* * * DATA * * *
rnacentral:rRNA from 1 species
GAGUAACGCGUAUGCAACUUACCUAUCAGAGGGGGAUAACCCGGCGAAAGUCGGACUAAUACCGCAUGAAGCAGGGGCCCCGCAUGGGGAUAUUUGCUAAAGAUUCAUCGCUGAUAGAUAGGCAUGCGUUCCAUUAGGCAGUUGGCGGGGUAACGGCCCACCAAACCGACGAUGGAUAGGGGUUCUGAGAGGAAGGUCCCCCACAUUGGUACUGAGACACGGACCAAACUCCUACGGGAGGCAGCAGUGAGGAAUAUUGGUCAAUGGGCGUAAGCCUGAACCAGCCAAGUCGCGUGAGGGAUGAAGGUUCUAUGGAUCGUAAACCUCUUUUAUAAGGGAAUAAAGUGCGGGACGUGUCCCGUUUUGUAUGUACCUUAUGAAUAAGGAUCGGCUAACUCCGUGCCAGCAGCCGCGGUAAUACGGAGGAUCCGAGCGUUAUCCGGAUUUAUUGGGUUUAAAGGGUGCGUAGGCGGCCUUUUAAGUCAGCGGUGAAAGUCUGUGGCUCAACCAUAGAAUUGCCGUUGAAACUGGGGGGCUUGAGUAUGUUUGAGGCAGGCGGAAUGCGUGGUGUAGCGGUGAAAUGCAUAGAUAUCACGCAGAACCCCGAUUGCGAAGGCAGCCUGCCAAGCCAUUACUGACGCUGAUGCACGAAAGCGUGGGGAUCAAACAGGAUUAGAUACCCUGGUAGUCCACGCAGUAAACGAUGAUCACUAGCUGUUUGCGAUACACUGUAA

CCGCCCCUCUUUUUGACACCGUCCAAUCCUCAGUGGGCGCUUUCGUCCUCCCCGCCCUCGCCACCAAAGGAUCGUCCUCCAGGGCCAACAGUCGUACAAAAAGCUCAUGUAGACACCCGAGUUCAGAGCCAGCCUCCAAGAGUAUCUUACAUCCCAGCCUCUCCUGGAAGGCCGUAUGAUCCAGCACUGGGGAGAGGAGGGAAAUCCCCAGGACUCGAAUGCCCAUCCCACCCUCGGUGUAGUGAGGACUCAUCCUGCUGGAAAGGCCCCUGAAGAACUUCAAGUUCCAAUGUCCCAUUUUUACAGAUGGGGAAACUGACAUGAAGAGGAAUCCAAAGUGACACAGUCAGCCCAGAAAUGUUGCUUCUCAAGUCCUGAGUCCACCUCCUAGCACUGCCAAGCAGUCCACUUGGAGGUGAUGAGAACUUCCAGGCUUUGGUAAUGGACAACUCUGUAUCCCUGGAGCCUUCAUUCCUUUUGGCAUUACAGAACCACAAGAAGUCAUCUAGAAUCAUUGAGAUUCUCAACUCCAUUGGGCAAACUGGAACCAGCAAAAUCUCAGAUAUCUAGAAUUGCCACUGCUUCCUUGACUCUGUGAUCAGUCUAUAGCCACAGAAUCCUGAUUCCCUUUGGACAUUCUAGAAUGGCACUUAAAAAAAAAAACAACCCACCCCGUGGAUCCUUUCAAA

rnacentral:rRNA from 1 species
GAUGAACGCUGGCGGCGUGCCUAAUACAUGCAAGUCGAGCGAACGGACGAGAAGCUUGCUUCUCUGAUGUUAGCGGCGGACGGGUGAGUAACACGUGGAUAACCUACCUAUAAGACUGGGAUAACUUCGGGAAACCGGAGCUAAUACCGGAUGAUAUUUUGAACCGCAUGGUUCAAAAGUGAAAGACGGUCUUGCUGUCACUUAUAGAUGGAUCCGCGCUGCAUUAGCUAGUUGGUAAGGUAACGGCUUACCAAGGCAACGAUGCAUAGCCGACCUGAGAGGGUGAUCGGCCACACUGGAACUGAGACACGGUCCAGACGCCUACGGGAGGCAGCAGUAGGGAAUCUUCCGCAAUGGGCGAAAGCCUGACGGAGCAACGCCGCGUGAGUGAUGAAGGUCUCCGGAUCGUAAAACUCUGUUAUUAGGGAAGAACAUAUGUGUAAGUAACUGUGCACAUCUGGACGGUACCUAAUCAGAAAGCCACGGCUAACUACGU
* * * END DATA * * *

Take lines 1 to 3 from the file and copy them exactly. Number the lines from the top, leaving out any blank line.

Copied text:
rnacentral:rRNA from 1 species
GAGUAACGCGUAUGCAACUUACCUAUCAGAGGGGGAUAACCCGGCGAAAGUCGGACUAAUACCGCAUGAAGCAGGGGCCCCGCAUGGGGAUAUUUGCUAAAGAUUCAUCGCUGAUAGAUAGGCAUGCGUUCCAUUAGGCAGUUGGCGGGGUAACGGCCCACCAAACCGACGAUGGAUAGGGGUUCUGAGAGGAAGGUCCCCCACAUUGGUACUGAGACACGGACCAAACUCCUACGGGAGGCAGCAGUGAGGAAUAUUGGUCAAUGGGCGUAAGCCUGAACCAGCCAAGUCGCGUGAGGGAUGAAGGUUCUAUGGAUCGUAAACCUCUUUUAUAAGGGAAUAAAGUGCGGGACGUGUCCCGUUUUGUAUGUACCUUAUGAAUAAGGAUCGGCUAACUCCGUGCCAGCAGCCGCGGUAAUACGGAGGAUCCGAGCGUUAUCCGGAUUUAUUGGGUUUAAAGGGUGCGUAGGCGGCCUUUUAAGUCAGCGGUGAAAGUCUGUGGCUCAACCAUAGAAUUGCCGUUGAAACUGGGGGGCUUGAGUAUGUUUGAGGCAGGCGGAAUGCGUGGUGUAGCGGUGAAAUGCAUAGAUAUCACGCAGAACCCCGAUUGCGAAGGCAGCCUGCCAAGCCAUUACUGACGCUGAUGCACGAAAGCGUGGGGAUCAAACAGGAUUAGAUACCCUGGUAGUCCACGCAGUAAACGAUGAUCACUAGCUGUUUGCGAUACACUGUAA

CCGCCCCUCUUUUUGACACCGUCCAAUCCUCAGUGGGCGCUUUCGUCCUCCCCGCCCUCGCCACCAAAGGAUCGUCCUCCAGGGCCAACAGUCGUACAAAAAGCUCAUGUAGACACCCGAGUUCAGAGCCAGCCUCCAAGAGUAUCUUACAUCCCAGCCUCUCCUGGAAGGCCGUAUGAUCCAGCACUGGGGAGAGGAGGGAAAUCCCCAGGACUCGAAUGCCCAUCCCACCCUCGGUGUAGUGAGGACUCAUCCUGCUGGAAAGGCCCCUGAAGAACUUCAAGUUCCAAUGUCCCAUUUUUACAGAUGGGGAAACUGACAUGAAGAGGAAUCCAAAGUGACACAGUCAGCCCAGAAAUGUUGCUUCUCAAGUCCUGAGUCCACCUCCUAGCACUGCCAAGCAGUCCACUUGGAGGUGAUGAGAACUUCCAGGCUUUGGUAAUGGACAACUCUGUAUCCCUGGAGCCUUCAUUCCUUUUGGCAUUACAGAACCACAAGAAGUCAUCUAGAAUCAUUGAGAUUCUCAACUCCAUUGGGCAAACUGGAACCAGCAAAAUCUCAGAUAUCUAGAAUUGCCACUGCUUCCUUGACUCUGUGAUCAGUCUAUAGCCACAGAAUCCUGAUUCCCUUUGGACAUUCUAGAAUGGCACUUAAAAAAAAAAACAACCCACCCCGUGGAUCCUUUCAAA